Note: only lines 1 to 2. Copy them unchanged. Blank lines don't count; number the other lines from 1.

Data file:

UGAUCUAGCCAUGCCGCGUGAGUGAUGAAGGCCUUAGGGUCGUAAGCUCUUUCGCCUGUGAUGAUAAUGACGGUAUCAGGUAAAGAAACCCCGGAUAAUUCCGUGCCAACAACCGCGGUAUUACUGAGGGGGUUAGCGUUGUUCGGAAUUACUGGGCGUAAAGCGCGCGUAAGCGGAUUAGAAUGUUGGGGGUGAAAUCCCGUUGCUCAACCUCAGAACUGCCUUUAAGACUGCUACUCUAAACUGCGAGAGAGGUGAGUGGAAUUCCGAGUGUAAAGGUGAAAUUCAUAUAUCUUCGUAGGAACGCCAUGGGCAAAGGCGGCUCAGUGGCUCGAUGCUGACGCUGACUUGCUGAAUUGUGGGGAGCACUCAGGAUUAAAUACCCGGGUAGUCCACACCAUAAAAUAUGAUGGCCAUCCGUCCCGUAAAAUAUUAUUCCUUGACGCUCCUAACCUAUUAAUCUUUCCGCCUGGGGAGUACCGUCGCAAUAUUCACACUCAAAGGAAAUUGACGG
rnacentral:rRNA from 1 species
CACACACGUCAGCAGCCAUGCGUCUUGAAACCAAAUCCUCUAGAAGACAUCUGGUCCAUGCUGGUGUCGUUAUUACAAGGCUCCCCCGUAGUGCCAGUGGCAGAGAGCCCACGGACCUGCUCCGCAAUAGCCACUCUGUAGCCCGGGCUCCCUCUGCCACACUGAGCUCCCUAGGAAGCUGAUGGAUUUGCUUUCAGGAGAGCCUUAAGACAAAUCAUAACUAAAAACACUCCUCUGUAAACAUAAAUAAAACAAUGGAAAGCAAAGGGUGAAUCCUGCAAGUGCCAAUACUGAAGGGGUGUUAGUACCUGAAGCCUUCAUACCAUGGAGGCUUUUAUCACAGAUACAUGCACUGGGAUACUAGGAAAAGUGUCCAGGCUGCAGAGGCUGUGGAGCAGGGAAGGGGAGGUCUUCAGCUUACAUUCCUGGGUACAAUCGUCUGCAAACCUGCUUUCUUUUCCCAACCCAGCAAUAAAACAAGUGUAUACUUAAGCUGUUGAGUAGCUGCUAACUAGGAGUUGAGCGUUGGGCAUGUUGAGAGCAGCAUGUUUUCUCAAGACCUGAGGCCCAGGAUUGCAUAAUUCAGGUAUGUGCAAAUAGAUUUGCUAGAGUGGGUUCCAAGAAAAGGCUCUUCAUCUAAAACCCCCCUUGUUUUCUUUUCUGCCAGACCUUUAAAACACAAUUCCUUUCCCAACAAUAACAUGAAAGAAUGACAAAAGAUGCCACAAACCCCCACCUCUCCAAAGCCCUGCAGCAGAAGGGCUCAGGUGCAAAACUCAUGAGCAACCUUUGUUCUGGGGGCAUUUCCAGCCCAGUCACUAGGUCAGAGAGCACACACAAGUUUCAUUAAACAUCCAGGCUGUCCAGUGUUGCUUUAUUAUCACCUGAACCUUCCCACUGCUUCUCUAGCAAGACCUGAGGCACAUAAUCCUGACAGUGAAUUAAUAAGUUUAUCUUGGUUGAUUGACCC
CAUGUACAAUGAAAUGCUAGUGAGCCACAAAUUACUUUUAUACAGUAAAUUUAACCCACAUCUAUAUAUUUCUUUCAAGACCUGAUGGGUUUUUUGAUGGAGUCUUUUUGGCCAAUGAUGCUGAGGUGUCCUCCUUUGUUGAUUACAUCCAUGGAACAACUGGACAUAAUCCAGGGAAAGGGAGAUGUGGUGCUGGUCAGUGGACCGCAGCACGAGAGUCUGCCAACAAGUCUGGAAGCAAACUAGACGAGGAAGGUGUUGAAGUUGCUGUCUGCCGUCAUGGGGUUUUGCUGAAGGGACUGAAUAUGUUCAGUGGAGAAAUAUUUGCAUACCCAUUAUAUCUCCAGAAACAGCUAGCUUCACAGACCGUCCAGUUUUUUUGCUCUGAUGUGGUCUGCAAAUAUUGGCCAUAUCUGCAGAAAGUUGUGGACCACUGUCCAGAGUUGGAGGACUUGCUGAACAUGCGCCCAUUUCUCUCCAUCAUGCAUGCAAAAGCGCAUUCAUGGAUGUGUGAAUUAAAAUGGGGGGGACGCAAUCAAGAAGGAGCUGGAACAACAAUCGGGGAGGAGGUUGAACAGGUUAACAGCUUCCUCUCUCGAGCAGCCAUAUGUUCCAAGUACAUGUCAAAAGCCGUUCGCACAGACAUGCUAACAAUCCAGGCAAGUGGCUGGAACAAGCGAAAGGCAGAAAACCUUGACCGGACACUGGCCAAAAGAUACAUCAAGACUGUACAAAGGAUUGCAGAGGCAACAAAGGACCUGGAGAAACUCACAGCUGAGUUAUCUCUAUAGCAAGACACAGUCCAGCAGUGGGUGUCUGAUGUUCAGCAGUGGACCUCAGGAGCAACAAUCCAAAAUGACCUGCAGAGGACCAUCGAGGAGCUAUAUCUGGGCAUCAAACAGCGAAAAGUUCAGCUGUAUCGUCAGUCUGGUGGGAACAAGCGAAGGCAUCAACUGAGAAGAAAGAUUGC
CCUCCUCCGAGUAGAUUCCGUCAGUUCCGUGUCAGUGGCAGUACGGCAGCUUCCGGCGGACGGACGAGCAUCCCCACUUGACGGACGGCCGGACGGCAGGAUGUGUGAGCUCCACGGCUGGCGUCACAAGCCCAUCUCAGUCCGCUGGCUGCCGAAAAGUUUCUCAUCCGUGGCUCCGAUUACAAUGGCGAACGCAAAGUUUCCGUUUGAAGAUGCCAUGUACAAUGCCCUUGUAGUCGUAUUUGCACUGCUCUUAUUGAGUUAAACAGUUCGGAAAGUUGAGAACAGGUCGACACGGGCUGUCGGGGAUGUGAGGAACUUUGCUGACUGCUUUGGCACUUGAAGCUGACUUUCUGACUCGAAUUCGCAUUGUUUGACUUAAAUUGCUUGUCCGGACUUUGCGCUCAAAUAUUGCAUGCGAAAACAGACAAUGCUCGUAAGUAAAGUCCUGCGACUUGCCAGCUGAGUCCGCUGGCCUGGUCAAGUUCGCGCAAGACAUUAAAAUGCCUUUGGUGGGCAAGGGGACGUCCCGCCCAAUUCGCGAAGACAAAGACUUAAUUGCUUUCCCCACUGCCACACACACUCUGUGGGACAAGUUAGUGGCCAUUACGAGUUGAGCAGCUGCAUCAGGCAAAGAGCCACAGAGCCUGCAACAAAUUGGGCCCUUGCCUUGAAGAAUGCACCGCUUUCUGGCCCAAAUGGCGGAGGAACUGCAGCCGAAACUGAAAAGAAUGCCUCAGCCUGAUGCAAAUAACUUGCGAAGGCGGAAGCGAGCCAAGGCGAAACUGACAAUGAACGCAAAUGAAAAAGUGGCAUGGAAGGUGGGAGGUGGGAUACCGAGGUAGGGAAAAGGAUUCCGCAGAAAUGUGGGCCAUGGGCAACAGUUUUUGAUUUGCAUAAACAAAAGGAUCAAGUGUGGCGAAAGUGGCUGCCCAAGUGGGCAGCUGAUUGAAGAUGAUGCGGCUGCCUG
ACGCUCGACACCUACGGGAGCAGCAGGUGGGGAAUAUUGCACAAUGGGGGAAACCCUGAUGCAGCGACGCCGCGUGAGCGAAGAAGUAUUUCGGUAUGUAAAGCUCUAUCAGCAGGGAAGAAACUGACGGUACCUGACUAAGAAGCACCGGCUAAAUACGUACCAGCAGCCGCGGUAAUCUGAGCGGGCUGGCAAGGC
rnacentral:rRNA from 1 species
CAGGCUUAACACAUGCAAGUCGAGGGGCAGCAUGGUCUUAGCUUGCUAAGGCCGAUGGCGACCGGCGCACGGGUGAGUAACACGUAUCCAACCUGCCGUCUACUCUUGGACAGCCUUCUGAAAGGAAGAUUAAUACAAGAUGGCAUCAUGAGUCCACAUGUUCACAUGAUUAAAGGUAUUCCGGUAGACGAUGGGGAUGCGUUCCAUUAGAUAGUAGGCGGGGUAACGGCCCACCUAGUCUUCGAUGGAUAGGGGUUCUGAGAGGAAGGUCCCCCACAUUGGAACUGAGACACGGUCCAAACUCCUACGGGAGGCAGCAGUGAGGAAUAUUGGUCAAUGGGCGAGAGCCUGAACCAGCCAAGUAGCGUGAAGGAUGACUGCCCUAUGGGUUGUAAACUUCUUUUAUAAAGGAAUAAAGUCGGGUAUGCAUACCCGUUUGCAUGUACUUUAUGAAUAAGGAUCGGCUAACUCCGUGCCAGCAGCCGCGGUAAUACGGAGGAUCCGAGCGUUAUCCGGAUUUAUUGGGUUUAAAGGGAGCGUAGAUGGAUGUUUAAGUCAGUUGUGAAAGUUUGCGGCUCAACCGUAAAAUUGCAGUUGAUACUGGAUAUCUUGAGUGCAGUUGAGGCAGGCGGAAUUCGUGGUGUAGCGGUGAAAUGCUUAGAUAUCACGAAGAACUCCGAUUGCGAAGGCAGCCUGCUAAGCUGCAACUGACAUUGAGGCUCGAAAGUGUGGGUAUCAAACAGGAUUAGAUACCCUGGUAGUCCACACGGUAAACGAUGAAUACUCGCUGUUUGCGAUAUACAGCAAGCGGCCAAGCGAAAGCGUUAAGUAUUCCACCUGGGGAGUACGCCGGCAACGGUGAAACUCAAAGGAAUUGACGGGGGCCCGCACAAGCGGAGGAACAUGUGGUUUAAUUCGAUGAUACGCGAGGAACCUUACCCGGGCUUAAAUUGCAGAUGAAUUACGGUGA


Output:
UGAUCUAGCCAUGCCGCGUGAGUGAUGAAGGCCUUAGGGUCGUAAGCUCUUUCGCCUGUGAUGAUAAUGACGGUAUCAGGUAAAGAAACCCCGGAUAAUUCCGUGCCAACAACCGCGGUAUUACUGAGGGGGUUAGCGUUGUUCGGAAUUACUGGGCGUAAAGCGCGCGUAAGCGGAUUAGAAUGUUGGGGGUGAAAUCCCGUUGCUCAACCUCAGAACUGCCUUUAAGACUGCUACUCUAAACUGCGAGAGAGGUGAGUGGAAUUCCGAGUGUAAAGGUGAAAUUCAUAUAUCUUCGUAGGAACGCCAUGGGCAAAGGCGGCUCAGUGGCUCGAUGCUGACGCUGACUUGCUGAAUUGUGGGGAGCACUCAGGAUUAAAUACCCGGGUAGUCCACACCAUAAAAUAUGAUGGCCAUCCGUCCCGUAAAAUAUUAUUCCUUGACGCUCCUAACCUAUUAAUCUUUCCGCCUGGGGAGUACCGUCGCAAUAUUCACACUCAAAGGAAAUUGACGG
rnacentral:rRNA from 1 species